Before you make the lifelong commitment of marriage, consider having those difficult conversations about money for the sake of understanding your partner and being completely aligned.

Financial Stability for Spouses

Starting a life together can be one of the most exciting times in a couple's life. However, income disparity may be an aspect of certain marriages. For example, one spouse may come into the marriage with little income or take significant time away from their professional career to care for children, family members, etc.

This is where a prenuptial agreement can be a valuable tool to ensure that the less-earning spouse is financially protected. With a prenuptial agreement, the couple can include clauses that define how the wealthier partner will provide financial support in the event of a divorce. With a prenuptial agreement in place, a couple can focus on building a life together without the added stress of financial uncertainty.

Protect Your Property

A prenuptial agreement is a legal document that can protect your personal finances and assets. It can define which assets and finances are solely yours, known as your separate property.

This may include:

  • Property you purchased before marriage
  • Money in a personal bank account
  • And more

Having a prenup can offer peace of mind as you enter into a marriage and can prevent potential conflicts in the future. If you're getting married, a prenup might be something to consider discussing with your partner.

Keep Heirlooms & Assets in Your Family

Marriage is a beautiful journey that many of us long for. However, in today's world, it is also important to think responsibly about your future, especially when it comes to your assets and investments. If you have family assets, like a business or rental properties, it is crucial to protect them in case of a possible divorce.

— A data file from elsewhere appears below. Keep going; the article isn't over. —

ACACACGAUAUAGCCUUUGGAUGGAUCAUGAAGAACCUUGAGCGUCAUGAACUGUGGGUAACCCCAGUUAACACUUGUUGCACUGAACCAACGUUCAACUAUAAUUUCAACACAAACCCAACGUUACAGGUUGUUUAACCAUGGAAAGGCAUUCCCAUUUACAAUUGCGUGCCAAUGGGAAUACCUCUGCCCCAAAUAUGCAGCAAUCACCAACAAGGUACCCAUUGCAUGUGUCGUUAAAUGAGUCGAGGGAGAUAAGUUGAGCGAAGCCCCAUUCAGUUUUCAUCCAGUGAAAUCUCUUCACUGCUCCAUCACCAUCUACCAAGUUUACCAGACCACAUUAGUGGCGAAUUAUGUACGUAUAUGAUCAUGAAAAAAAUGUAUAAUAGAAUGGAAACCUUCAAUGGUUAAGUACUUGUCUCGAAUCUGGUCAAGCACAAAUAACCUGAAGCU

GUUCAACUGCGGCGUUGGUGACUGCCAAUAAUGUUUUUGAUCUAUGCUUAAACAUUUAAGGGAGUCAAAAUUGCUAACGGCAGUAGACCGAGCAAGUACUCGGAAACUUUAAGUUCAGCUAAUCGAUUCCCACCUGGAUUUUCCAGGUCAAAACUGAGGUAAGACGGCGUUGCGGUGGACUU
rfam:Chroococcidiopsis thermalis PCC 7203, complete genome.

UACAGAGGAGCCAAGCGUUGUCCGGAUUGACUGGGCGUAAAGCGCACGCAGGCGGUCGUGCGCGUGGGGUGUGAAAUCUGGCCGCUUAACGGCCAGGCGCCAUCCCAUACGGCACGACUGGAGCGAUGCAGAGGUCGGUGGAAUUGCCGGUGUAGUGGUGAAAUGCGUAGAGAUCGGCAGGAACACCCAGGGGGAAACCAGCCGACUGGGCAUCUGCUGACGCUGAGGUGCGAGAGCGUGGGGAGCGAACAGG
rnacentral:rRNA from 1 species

A prenuptial agreement can help to safeguard your interests and guarantee that these assets stay within your family. Whether you have children from a previous marriage or want to leave assets to your designated beneficiaries, a prenup can provide peace of mind, allowing you to know that your family's wealth is protected in the long run.

Create a Peaceful Divorce Process

Divorce can be a messy, stressful, and costly process. However, if you have a prenuptial agreement, it can significantly speed up the process, saving you time, money, and emotional turmoil.

By predetermining important issues such as property division and spousal support, you eliminate the need for extensive legal battles or negotiations. Additionally, a prenup can outline how potential disagreements or disputes between spouses will be settled, reducing the likelihood of contentious court battles. Ultimately, a prenuptial agreement is a wise investment in your future and peace of mind.

Contact Us for More Information

For many couples, discussing prenuptial agreements can be a difficult and uncomfortable conversation. However, at Jetton & Meredith, PLLC, our experienced prenup lawyers are here to help ease any concerns and create an agreement that works for you and your partner.

We understand that every situation is unique, and we take the time to listen to your needs and carefully review your finances to ensure that your interests are protected. Whether you're considering a prenuptial agreement as a safeguard for your future or simply want to explore your options, our team is here to guide you every step of the way.

Call (704) 931-5535 to get in touch with our team to learn more.